A U.S. congressional committee appeared to come away still in doubt about the security of networking equipment from Chinese firms Huawei Technologies and ZTE after holding a Thursday hearing in which the two companies tried to dispel allegations that they were tied to the Chinese government.
“I’m a little disappointed today. I was hoping for more transparency, more directness,” said the Chairman of the U.S. House Intelligence Committee, Representative Mike Rogers. “There is a sphere of government influence in your companies of which you either can’t identify their roles and responsibilities or won’t. Either way, its unacceptable.”
Thursday’s hearing was held as part of an investigation launched by the U.S. House Intelligence Committee to find if Huawei and ZTE posed a security threat to the nation given the increasing cyber attacks allegedly coming from China. U.S. officials are concerned networking gear bought from Huawei and ZTE could in fact be used by the Chinese government to spy on U.S. activities and steal sensitive information.
Both Huawei and ZTE, however, have tried to clear their reputations and on Thursday executives from the companies denied they had any ties with the Chinese government, stating that their firms would never sabotage a customer’s network. Both companies are also committed to improving cyber security, and following U.S. laws, they added.
“Huawei is an independent private employee-owned company,” said Charles Ding, a corporate senior vice president with the company. “Neither the Chinese government nor the PLA (People’s Liberation Army) has an ownership interest in our company, or any influence on daily operations, investment decisions, profit distributions or staffing.”
“The Committee’s central question has been: would ZTE grant China’s government access to ZTE telecom infrastructure equipment for a cyber attack?” said Zhu Jinyun, ZTE senior vice president for North America and Europe. “Mr. Chairman, let me answer emphatically: No! China’s government has never made such a request. If such a request were made, ZTE would be bound by U.S. law.”
During the congressional committee’s nearly year-long investigation, Huawei and ZTE have tried to answer questions regarding their operations and financing. But despite the efforts, Rogers said in the opening of Thursday’s hearing that the companies had provided “little actual evidence” to resolve the committee’s concerns, which included refusing to provide certain documents because they would violate China’s state-secret laws.
“It is strange the internal corporate documents of purportedly private sector firms are considered classified secrets in China. This fact alone gives us a reason to question their independence,” Rogers said.
But Huawei’s Ding said in a written statement for the hearing that the company had already provided a “wealth of information.” Some of the information asked for would have also been impossible to provide under the three-week time frame the committee had given the company, he wrote.
“The requests also sought highly sensitive, proprietary business information, which, we respectfully submit, no responsible company, foreign or domestic, would voluntarily produce,” the statement added.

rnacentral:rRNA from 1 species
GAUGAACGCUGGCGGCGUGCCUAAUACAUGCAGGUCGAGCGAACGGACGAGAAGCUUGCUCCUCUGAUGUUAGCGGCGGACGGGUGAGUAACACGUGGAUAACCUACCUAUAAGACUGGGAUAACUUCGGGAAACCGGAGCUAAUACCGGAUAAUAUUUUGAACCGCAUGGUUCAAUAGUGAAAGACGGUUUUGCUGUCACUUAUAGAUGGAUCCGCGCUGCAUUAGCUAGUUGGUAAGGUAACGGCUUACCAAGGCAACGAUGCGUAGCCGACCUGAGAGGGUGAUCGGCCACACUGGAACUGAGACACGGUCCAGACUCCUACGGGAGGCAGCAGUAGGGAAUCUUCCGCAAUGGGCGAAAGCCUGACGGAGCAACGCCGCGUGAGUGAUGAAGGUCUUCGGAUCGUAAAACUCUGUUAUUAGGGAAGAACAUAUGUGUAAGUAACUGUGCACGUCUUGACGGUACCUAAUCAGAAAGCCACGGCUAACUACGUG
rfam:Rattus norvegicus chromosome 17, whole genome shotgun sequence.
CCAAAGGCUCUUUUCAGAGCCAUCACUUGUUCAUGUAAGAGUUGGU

During Thursday’s hearing, committee members also grilled Huawei and ZTE’s representatives with questions on their relationships with the Chinese government. These included inquiries as to whether the Chinese government directly funded any company activities, and whether the companies were selling products at a loss in the U.S., which executives from both Huawei and ZTE denied.
U.S. Representative Adam Schiff, however, said a key question was whether Huawei and ZTE had the independence to “say no” to the Chinese government. He then cited a Chinese state security law that would allow the Chinese government to inspect the communication equipment belonging to any company or individual.
Both company executives said they were unfamiliar with the law, but added that they would never harm a customer’s networks. Schiff, however, said that despite the companies’ good intentions, Chinese law and state of the country’s courts would prevent them from denying authorities access to such equipment.
“The plain language of Chinese law would require you to make your equipment available to the Chinese government upon their request, and I see no opportunity for you fight that in the Chinese court system,” he said.
Both Huawei and ZTE have been trying to expand their business in the U.S., but the companies, especially Huawei, have seen a resistance to their business activities. Last year, Huawei was denied participation in building a national wireless network because of security concerns, according to the U.S. Department of Commerce.
U.S. Representative Dutch Ruppersberger said in his opening remarks on Thursday that the investigation against Huawei and ZTE was not “political jousting” or “trade protectionism masquerading as national security,” and pointed to how China is hacking into U.S. networks and stealing intellectual property from the nation.
Huawei, however, contends its difficulties in the U.S. stem from misconceptions that have distorted the company’s record. To illustrate this, Huawei commissioned Dan Steinbock, an expert on U.S.-China trade relations, to write a report on the company, which was released the day before the hearing. In it, Steinbock argues U.S. lawmakers have yet to provide firm evidence to support their concerns against the company
“Today, Huawei is one of the most misunderstood companies in America,” the paper said. “Huawei’s activities in America are not a threat, but an opportunity to the United States.”